Autism Hwy
Login   |   Register

Click here to post an article

Recent Articles 

Social Behaviors

Hot Topics






ArtSync / Artists & Autism


Posted by Kelly Green on October 28, 2010

Jeffrey M. Kellen

Jeffrey's Works

Artists and Autism

Jeff's Archives

Jeffrey is the creator of Artists and Autism. Once a week Jeffrey will share art to be featured here on the ArtSync website. Please visit Facebook to learn more about Artists and Autism!

Installment # 6: Katie Warner

Here is a poem I made for those who love Art and who are Autistic. Also this has been made for those who have relations with Autism. Hope you enjoy it. —Katie Warner

I try not to cry with pride tonight
Seeing in front of me such a sight
A beautiful child drawing in their room
Having no worries, no sorrow or gloom
This child is not at all like the rest
They seem to know what they can do best

They look up for a second with a smile
Making my time there worth the while
A young child with inspiration inside
A child who in their life has just tried
To fit in without a care in the world
With every boy and every girl

I see a young child with courage and strength
Who has fought so long at such a length
Against their fears, their stresses, their strains
Just to feel whole and happy again
This child has Autism and passion for Art
But do not forget we will never part

You will always be here within my heart!


Just in time for Halloween, here is one of our "spookier" submissions we have received: "I am 38 and diagnosed Asperger's Syndrome. Here is a painting I did. Hope you guys like it!"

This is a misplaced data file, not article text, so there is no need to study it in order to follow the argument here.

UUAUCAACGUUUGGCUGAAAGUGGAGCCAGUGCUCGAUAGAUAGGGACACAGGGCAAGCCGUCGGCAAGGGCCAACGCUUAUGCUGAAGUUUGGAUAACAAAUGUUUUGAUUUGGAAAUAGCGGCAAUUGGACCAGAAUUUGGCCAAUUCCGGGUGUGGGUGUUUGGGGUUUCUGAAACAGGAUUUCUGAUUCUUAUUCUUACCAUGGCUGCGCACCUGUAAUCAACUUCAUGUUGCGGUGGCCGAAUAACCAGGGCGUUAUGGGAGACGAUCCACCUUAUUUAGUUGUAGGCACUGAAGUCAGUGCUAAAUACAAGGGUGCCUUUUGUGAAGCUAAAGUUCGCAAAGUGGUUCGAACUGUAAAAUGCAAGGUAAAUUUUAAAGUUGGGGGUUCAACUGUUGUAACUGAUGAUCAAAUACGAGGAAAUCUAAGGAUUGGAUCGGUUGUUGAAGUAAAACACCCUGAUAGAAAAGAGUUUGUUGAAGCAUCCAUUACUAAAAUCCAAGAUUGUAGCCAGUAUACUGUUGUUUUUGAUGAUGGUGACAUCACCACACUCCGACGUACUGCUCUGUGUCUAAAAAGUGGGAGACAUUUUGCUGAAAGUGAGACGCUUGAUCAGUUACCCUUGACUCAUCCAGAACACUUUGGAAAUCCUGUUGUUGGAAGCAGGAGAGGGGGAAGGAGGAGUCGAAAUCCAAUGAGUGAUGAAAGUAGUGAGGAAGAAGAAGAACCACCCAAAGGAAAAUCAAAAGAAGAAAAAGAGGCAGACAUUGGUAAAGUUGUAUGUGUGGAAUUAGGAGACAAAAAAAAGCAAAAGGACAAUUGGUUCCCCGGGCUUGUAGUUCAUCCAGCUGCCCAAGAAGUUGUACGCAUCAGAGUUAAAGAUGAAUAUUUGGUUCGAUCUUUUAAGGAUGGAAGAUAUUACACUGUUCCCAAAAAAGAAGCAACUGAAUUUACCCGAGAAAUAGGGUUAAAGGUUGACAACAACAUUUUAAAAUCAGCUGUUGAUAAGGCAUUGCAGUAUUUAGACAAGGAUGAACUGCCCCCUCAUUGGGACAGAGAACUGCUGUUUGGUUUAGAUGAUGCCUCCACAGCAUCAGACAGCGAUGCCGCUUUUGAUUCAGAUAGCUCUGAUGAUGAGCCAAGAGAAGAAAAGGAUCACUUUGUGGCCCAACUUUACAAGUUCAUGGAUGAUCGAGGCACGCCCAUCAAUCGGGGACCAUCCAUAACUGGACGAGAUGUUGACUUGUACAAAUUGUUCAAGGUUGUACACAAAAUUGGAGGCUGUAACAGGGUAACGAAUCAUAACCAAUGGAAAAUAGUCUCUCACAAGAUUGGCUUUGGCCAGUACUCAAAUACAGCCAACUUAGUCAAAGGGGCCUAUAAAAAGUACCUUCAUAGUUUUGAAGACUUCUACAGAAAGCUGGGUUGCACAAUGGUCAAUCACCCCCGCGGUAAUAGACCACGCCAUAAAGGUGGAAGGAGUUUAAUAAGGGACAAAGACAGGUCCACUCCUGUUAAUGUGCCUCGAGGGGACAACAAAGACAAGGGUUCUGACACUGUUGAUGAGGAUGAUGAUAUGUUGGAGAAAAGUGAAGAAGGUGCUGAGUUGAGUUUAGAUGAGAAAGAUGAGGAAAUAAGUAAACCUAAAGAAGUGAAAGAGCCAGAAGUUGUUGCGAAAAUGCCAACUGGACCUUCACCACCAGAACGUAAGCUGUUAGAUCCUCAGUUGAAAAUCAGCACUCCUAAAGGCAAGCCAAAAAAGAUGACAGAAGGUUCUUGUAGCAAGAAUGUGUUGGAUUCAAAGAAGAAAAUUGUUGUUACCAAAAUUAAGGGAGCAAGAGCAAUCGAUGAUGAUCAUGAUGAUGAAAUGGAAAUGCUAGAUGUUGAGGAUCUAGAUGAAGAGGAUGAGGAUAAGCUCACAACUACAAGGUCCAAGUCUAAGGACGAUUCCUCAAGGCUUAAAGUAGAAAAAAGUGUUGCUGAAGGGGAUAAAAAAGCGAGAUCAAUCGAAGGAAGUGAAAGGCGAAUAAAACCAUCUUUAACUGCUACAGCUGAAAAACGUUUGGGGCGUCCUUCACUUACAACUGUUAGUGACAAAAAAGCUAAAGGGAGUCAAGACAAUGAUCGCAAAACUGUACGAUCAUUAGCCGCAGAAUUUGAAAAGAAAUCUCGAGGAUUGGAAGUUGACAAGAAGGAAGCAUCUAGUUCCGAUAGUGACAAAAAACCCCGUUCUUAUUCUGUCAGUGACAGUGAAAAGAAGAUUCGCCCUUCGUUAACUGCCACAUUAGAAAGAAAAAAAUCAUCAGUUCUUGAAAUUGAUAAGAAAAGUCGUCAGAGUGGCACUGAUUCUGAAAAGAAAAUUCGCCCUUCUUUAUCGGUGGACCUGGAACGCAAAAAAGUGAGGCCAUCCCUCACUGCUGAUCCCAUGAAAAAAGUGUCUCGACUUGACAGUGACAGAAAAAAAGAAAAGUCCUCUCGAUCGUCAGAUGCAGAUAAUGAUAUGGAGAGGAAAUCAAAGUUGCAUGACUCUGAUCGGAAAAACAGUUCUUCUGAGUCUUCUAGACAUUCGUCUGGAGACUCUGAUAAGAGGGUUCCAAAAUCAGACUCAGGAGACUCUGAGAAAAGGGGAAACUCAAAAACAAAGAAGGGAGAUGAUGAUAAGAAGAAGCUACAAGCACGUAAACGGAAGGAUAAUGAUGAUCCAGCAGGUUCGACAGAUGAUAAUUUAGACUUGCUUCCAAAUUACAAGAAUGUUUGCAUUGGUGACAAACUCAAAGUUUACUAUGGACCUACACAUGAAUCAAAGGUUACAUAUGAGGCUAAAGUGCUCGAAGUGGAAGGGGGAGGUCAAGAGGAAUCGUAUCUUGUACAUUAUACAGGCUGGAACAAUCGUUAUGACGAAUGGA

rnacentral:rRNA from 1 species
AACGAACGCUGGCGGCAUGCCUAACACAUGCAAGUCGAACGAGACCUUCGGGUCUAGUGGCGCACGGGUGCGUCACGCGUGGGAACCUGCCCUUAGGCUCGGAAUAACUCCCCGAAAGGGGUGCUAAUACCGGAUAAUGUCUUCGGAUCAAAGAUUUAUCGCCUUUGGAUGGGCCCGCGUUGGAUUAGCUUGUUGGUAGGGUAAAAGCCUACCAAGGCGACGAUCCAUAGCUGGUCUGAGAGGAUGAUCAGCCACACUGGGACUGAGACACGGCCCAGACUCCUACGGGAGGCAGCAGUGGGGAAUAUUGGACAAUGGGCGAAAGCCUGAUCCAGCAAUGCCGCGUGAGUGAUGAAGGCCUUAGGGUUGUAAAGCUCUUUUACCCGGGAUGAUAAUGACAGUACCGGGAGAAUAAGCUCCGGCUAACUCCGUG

Artist known as Black Plastick




From one extremely artist, BJ Lane: "'In a wink of an eye' is one of my paintings depicting different stages of life with my autistic daughter. The colors range across the spectrum, evolving from pink-the innocence of birth, gradually moving through orange, red, purple, blue, and finally green-the maturing adult. The overalls symbolize restrictions placed upon her in her youth. From left to right, the view sees a slow, progressive movement towards less restriction, (only one clip buckled in the center portrait) purpose (overalls used as ranch clothing in her adult years) and finally, only one button (symbolizing ability and knowledge) in her future years. . The center portrait depicts the highschool years--the struggles show in her expression. The portraits on the left show her looking like a typical child, yet the eery blank look and lack of smile, shows the oddness of this disorder. The portraits on the right are a projection of what I hope her future may be...with more love, tranquility and contentment in her life. Now 19 years old, my daughter has been living in a group home for 3 years. She struggles with daily joy. Our children pass through life in a wink of an eye. As a mom, I hold onto the hope for a better future."